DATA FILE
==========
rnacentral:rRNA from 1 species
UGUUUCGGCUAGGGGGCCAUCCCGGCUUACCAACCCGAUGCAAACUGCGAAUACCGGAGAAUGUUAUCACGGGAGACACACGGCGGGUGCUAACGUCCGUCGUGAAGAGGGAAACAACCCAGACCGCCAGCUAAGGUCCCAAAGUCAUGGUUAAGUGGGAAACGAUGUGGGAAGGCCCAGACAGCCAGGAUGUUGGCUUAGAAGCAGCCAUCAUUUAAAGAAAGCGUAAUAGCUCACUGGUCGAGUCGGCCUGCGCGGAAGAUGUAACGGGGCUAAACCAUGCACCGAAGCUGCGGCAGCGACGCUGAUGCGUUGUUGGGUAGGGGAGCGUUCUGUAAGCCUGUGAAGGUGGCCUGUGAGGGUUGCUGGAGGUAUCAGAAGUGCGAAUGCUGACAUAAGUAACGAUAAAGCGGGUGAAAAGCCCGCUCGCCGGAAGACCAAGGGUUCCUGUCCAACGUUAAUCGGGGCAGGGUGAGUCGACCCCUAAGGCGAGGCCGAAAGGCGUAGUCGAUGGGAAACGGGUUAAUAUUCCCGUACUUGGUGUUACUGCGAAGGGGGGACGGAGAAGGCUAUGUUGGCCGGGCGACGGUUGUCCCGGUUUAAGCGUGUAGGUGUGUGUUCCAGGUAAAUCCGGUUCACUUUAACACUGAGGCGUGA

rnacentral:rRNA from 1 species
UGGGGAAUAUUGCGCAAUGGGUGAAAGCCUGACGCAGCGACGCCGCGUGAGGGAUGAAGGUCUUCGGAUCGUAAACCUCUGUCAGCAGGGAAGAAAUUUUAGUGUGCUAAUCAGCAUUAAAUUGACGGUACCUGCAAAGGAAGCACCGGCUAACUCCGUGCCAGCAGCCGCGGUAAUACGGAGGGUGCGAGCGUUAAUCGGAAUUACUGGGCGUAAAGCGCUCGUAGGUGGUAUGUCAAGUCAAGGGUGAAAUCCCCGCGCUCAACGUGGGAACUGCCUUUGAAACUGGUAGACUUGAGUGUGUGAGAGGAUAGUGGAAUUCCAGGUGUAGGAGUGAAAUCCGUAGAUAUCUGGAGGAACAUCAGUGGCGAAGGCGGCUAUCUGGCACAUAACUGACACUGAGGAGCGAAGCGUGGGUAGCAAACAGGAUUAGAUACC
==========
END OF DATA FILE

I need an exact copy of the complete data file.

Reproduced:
rnacentral:rRNA from 1 species
UGUUUCGGCUAGGGGGCCAUCCCGGCUUACCAACCCGAUGCAAACUGCGAAUACCGGAGAAUGUUAUCACGGGAGACACACGGCGGGUGCUAACGUCCGUCGUGAAGAGGGAAACAACCCAGACCGCCAGCUAAGGUCCCAAAGUCAUGGUUAAGUGGGAAACGAUGUGGGAAGGCCCAGACAGCCAGGAUGUUGGCUUAGAAGCAGCCAUCAUUUAAAGAAAGCGUAAUAGCUCACUGGUCGAGUCGGCCUGCGCGGAAGAUGUAACGGGGCUAAACCAUGCACCGAAGCUGCGGCAGCGACGCUGAUGCGUUGUUGGGUAGGGGAGCGUUCUGUAAGCCUGUGAAGGUGGCCUGUGAGGGUUGCUGGAGGUAUCAGAAGUGCGAAUGCUGACAUAAGUAACGAUAAAGCGGGUGAAAAGCCCGCUCGCCGGAAGACCAAGGGUUCCUGUCCAACGUUAAUCGGGGCAGGGUGAGUCGACCCCUAAGGCGAGGCCGAAAGGCGUAGUCGAUGGGAAACGGGUUAAUAUUCCCGUACUUGGUGUUACUGCGAAGGGGGGACGGAGAAGGCUAUGUUGGCCGGGCGACGGUUGUCCCGGUUUAAGCGUGUAGGUGUGUGUUCCAGGUAAAUCCGGUUCACUUUAACACUGAGGCGUGA

rnacentral:rRNA from 1 species
UGGGGAAUAUUGCGCAAUGGGUGAAAGCCUGACGCAGCGACGCCGCGUGAGGGAUGAAGGUCUUCGGAUCGUAAACCUCUGUCAGCAGGGAAGAAAUUUUAGUGUGCUAAUCAGCAUUAAAUUGACGGUACCUGCAAAGGAAGCACCGGCUAACUCCGUGCCAGCAGCCGCGGUAAUACGGAGGGUGCGAGCGUUAAUCGGAAUUACUGGGCGUAAAGCGCUCGUAGGUGGUAUGUCAAGUCAAGGGUGAAAUCCCCGCGCUCAACGUGGGAACUGCCUUUGAAACUGGUAGACUUGAGUGUGUGAGAGGAUAGUGGAAUUCCAGGUGUAGGAGUGAAAUCCGUAGAUAUCUGGAGGAACAUCAGUGGCGAAGGCGGCUAUCUGGCACAUAACUGACACUGAGGAGCGAAGCGUGGGUAGCAAACAGGAUUAGAUACC